How to Interpret a Cap Table

The cap table is essential to understand the equity ownership and capitalization structure. It typically contains detailed information about the company’s individual and institutional shareholders, including their number of shares and the amount paid for those shares.

You can use a cap table to know how much new investments will increase the company’s current valuation. Investors need this information to understand how much of the company they’ll be owning should they push through with their investments. Here are how you can interpret the contents of a cap table.

1. Know The Basic Contents

The primary contents of a cap table indicate the capitalization structure of a startup Small/Medium Enterprise (SME) or corporation. The capital structure of a business is composed of the company’s ownership. This can be categorized into different classes of securities, such as preferred shares, common shares, convertible notes, and warrants. Here are some of the typical contents of a cap table:

  • List of founders/incorporators and their shares;
  • Names and other details about other equity owners;
  • Prices paid by investors per share;
  • Classes of shares (preferred, common, etc.);
  • Convertible notes;
  • Pre-money valuation; and
  • Post-Money valuation.

Investors must be able to make sense of the contents of a cap table. They can keep track of their ownership share in a company by looking at the cap table. The percentage of their number of shares about the company’s total shares is the most accurate indicator of how many portions they own in a company.

2. Understand The Important Terms

To be able to interpret a cap table correctly, you have to understand the critical terms it contains:

  • Debt. Money owed by a company to lenders with a stipulation for interest payment.
  • Equity. Ownership of an individual or institution in a company in terms of shares of stocks.
  • Common Stock. Owners of this class of stock are entitled to receive dividends declared by the company. They’re also entitled to vote for the Board of Directors.
  • Preferred Stock. Owners of this class of stock are entitled to receive dividends and given certain privileges over common stock shareholders.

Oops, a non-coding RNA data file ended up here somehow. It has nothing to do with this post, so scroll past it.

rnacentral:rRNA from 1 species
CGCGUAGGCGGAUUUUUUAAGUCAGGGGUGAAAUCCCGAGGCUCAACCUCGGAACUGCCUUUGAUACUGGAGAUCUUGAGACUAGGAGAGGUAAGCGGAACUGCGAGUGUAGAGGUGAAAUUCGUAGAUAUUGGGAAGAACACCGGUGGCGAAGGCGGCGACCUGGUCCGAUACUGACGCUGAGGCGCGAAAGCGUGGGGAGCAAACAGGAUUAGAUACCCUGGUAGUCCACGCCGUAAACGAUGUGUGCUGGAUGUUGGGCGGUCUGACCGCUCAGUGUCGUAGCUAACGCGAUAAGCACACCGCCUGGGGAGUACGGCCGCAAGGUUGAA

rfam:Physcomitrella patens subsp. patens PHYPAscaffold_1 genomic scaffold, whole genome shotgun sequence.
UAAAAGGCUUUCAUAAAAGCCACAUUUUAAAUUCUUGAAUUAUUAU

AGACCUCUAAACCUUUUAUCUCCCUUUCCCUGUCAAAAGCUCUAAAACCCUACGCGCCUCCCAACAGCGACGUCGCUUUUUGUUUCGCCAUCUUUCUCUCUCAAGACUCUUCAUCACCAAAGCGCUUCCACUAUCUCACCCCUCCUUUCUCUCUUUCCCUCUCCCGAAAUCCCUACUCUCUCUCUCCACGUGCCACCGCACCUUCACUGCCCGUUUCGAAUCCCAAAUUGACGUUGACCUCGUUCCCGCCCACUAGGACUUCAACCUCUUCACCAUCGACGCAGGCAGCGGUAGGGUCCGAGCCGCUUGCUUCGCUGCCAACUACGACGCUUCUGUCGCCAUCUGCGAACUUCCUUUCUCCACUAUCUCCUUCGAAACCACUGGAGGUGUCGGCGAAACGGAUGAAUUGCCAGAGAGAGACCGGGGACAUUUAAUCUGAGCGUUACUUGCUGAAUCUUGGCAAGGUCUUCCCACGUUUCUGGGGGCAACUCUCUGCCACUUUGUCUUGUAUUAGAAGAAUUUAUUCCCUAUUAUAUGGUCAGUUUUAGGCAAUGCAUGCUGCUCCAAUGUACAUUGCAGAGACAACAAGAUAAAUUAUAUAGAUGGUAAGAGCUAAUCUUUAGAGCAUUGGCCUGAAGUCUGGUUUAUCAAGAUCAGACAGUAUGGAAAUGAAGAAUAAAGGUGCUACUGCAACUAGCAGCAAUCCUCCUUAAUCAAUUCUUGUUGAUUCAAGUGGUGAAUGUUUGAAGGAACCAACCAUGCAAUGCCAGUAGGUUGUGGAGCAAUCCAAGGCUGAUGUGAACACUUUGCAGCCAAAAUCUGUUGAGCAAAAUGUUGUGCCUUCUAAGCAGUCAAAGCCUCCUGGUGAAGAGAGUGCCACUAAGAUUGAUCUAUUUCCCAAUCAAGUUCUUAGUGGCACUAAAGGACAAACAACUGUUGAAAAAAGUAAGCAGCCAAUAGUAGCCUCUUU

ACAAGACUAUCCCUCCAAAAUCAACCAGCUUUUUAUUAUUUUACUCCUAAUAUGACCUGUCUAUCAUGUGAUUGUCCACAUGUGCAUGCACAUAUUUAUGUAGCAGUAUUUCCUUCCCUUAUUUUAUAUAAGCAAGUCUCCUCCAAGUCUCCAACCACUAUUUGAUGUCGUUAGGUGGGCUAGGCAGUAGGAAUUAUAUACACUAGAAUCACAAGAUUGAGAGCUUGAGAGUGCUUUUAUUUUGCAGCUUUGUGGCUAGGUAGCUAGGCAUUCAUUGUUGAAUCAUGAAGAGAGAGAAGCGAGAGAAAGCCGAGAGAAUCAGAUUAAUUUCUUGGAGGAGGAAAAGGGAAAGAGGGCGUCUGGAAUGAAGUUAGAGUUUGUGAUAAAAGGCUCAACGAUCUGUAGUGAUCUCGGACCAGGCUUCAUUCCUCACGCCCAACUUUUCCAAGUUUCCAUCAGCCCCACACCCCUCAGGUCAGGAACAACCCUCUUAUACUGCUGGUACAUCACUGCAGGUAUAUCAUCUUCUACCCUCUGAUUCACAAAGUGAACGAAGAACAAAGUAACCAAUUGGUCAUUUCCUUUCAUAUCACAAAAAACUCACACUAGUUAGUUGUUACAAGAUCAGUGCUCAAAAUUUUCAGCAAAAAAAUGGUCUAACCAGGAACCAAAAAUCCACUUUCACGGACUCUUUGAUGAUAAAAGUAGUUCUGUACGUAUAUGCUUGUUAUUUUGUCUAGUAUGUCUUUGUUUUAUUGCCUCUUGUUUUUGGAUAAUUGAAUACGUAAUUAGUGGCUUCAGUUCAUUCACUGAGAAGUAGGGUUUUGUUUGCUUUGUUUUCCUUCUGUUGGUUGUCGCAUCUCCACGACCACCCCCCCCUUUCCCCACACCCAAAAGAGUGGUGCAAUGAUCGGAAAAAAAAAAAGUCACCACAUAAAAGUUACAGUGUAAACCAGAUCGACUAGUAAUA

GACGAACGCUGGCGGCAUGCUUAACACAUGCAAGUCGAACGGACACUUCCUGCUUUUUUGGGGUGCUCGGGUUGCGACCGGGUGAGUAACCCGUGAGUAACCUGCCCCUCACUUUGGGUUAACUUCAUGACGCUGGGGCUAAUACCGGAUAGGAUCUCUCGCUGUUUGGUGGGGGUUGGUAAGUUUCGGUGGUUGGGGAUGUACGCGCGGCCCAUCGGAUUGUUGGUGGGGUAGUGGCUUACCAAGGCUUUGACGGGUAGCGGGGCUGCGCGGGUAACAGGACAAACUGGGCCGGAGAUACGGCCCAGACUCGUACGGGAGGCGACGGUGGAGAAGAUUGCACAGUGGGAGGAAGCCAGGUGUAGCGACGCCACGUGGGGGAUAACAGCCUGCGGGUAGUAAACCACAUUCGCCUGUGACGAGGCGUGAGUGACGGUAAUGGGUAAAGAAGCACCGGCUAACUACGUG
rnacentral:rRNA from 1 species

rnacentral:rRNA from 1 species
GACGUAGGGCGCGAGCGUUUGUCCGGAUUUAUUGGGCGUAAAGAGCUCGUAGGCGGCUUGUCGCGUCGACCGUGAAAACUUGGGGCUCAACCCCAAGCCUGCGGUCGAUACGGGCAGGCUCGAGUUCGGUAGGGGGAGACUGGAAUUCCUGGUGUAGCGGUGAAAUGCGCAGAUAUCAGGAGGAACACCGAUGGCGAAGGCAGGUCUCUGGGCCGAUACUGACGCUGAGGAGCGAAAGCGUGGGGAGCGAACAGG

• Stock Options. This gives some shareholders to buy a specified number of shares, usually at a discounted price. Some employees are given this option as part of their employment package.
  • Warrants. This is similar to stock options, but they’re not part of a stock option plan.
  • Pre-Money Valuation. This is the company’s valuation before new investments come in or before a round of fundraising.
  • Post-Money Valuation. This is the company’s valuation computed after new investments are factored in, usually done immediately after a round of fundraising.
  • Price Per Share (PPS). This is the price of a shareholder’s investment per unit of share. After adding the new investments or equities, it’s computed by dividing the post-money valuation over the total shares.
  • Convertible Note. This is a special kind of debt that you can convert into equity. The note holder can convert the note into shares of stock at some point in time when the note matures.

3. Know-How To Use The Different Formulas

Owners and investors should know how to use the different indicators and at least the different basic formulas to interpret the cap table.

Elements Of Capitalization Structure

Shareholders and investors should take note of the elements of a company’s capitalization structure so they can interpret a cap table correctly. Some of these essential elements are the following:

  • Total authorized and outstanding stocks of a company and their individual or institutional shareholders, including the number of shares owned and the percentage of total outstanding stocks.
  • Total shares of the founders and incorporators. Venture capitalists (VCs) suggest that they should always own ideally somewhere around 80% of a company before seeding and 67% before any series A round of financing. This is to make sure they have enough stake in a company to stay motivated to succeed.
  • Treasury shares – These are shares that are part of the total authorized stock of a company that it bought from shareholders. They are factored in computing for the dilution of ownership.

Post-Money Valuation

Investors who have signified their interest or have already bought in should have a clear picture of the post-money valuation of a company’s capitalization structure. This is computed by adding the current pre-money valuation to the incoming equity or the number of new investments raised during the fundraising.

The post-money valuation is crucial information because it serves as the divisor in computing the percentage of an investor’s shareholdings with the total equity ownership of the company.

For example, if the company’s valuation increased from USD$10 million to USD$12.5 million when the new investor comes in, the new investor’s shares worth USD$2.5 million will be divided by the post-money valuation amount of USD$12.5 million (and not by the pre-money valuation of USD$10 million) to get the percentage concerning the total equity ownership.


The cap table is an essential and valuable tool for existing shareholders and would-be investors. It contains details about the equity ownership structure of a business. Investors can look at the estimated post-money valuation to know how much percentage of the company they’ll be owning if they put in their money.

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